The cellular receptors and signaling pathways mediating the downstream effects of glucocorticoid and aldosterone must reconcile the observations that mineralcorticoid receptors within the CNS are high-affinity binding sites for both glucocorticoids and mineralocorticoids. Salpietro et al. (39) have suggested that mineralcorticoid signaling, activated by aldosterone, may help explain how hypervitaminosis A, pediatric obesity, and recombinant GH (see below) trigger PTCS. This model must also reconcile the possible increase in HSD1 activity in PTCS (see above) and apparent lack of HSD2 activity in the choroid plexus (40), both of which would act to limit the aldosterone-mediated MR activation. HSD2, as discussed above, inactivates cortisol to the inactive metabolite cortisone, permitting aldosterone’s action at the mineralocorticoid receptor.
Growth Hormone and Insulin-Like Growth Factor 1
The first reports of recombinant growth hormone (rGH) or IGF-1 therapy causing PTCS were published in the early 1990s (41). Since then, a number of studies have suggested a causal relationship between administration of rGH and PTCS (42,43). Specifically, these cases support a temporal relationship between GH treatment and features consistent with PTCS: signs and symptoms are seen after the start of treatment, are relieved after discontinuing the medication and, in many cases, return with its rechallenge (41). Genetech and Pfizer have both compiled the frequency of PTCS in children being treated with rGH (Nutropin and Genotropin, respectively) and have illustrated that the frequency of PTCS is increased by 23–100 times above that seen in the general pediatric population (42,44). Patients with Turner syndrome and renal disease were clearly at increased risk of developing PTCS with rGH treatment (42,44) while those with organic growth hormone deficiency or Prader-Willi syndrome may also be at increased risk (44).
The presentation of PTCS seen following rGH treatment may differ from the idiopathic form seen in adults and postpubertal children. Obesity and female gender are less convincingly risk factors. For example, obesity appears not to be a global risk-factor and only appears associated with an increased risk of rGH-related PTCS in children with renal failure and Prader-Willi syndrome. These differences may reflect, in part, the wide range of pediatric ages being treated with rGH, from pre- to postpubertal. In a younger population, < 12 y old, obesity is not a significant risk factor for PTCS and there is no gender predilection (45). Thus, unless the important effects of age, size, and/or pubertal stage are accounted for, significant relationships may be missed. In addition, multiple contributing factors may be at play. For example, while renal disease per se may predispose to PTCS, a retrospective review of PTCS seen in children following renal transplant identified other risk factors in the majority of cases (14), including the effects of immunosuppressant medications, tetracycline antibiotics and weight gain.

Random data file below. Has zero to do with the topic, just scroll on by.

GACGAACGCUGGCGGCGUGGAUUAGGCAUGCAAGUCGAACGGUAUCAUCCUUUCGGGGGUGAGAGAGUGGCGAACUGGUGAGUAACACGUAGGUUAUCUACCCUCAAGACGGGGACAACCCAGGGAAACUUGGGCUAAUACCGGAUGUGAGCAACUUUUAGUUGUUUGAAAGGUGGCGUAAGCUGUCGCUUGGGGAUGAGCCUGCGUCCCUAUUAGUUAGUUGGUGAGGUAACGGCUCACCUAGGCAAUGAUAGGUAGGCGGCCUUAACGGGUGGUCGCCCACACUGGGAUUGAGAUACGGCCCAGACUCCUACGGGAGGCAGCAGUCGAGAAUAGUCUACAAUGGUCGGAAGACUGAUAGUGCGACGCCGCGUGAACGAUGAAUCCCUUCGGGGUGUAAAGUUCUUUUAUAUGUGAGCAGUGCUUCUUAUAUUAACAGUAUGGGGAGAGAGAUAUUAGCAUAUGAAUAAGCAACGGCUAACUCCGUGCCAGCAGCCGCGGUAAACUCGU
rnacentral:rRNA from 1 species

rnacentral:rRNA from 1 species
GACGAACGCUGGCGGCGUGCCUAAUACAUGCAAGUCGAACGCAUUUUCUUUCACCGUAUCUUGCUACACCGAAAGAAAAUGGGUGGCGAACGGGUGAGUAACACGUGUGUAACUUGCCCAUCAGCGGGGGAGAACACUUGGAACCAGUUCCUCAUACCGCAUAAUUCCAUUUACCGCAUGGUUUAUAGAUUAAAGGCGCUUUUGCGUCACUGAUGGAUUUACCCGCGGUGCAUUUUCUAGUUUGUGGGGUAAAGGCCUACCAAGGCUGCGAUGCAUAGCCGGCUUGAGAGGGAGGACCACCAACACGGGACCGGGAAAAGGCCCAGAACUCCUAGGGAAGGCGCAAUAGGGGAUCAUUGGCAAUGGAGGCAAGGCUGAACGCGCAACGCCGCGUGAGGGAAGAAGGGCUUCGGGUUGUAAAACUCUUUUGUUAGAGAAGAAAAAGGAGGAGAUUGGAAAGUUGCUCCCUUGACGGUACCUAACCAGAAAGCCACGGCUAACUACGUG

How rGH leads to PTCS is unclear but the answer will likely provide insights into the pathophysiology of pediatric PTCS, in particular. Both IGF-1 and rGH are able to gain access to the CSF and receptors are present in diverse CNS locations, including the choroid plexus and arachnoid villi. In a study involving prepubertal children with short stature, a 4-wk challenge with GH caused reproducible changes in body fluid handling: there was a decrease in fractional excretion of water and increase in serum aldosterone (46), an intriguing observation given the relationship between secondary aldosteronism and pediatric PTCS (see above). Another study illustrated that GH therapy suppressed basal and glucocorticoid-stimulated HSD1 activity which may directly induce a relative cortisol deficiency (47).
A number of cases describe the potential relationship between thyroid dysfunction and PTCS. The majority describe a new presentation of PTCS as an initial presentation of hyperthyroidism (e.g., seropositive Grave’s disease, Hashimoto’s thyroiditis) (48,49) or in the early stages of L-thyroxine therapy in the management of primary hypothyroidism and hypothalamic hypothyroidism (50,51).
Both hyper- and hypothyroidism are associated with abnormal renal fluid handling, effects mediated by reduced protein abundance of renal sodium-dependent transporters and water channels (52). As discussed above, many analogous transporters are expressed in the renal tubules and choroid plexus. In this way, thyroid dysfunction may lead to dysregulation of CSF dynamics ( Figure 1 ). While hyperthyroidism leads to decreased activities of apical Na-dependent transporters, hypothyroidism leads to the opposite, a finding which, on its own, cannot account for an increase in ICP. Alternatively, a common complication of hypothyroidism, hyponatremia, under these conditions may be, in part, related to nonosmotic arginine vasopressin release or ability to clear free water (52); these mechanisms remain incompletely understood, and studies have discrepant findings. Indeed arginine vasopressin levels may be elevated in patients in PTCS (see below). Thyroid hormone has further effects as a prothrombotic agent, which increases the risk of venous thrombosis secondary cause of PTCS (53,54) ( Figure 1 ). Thus, although not completely understood, through a combination of actions, both hypo- and hyperthyroidism may contribute to the development of PTCS.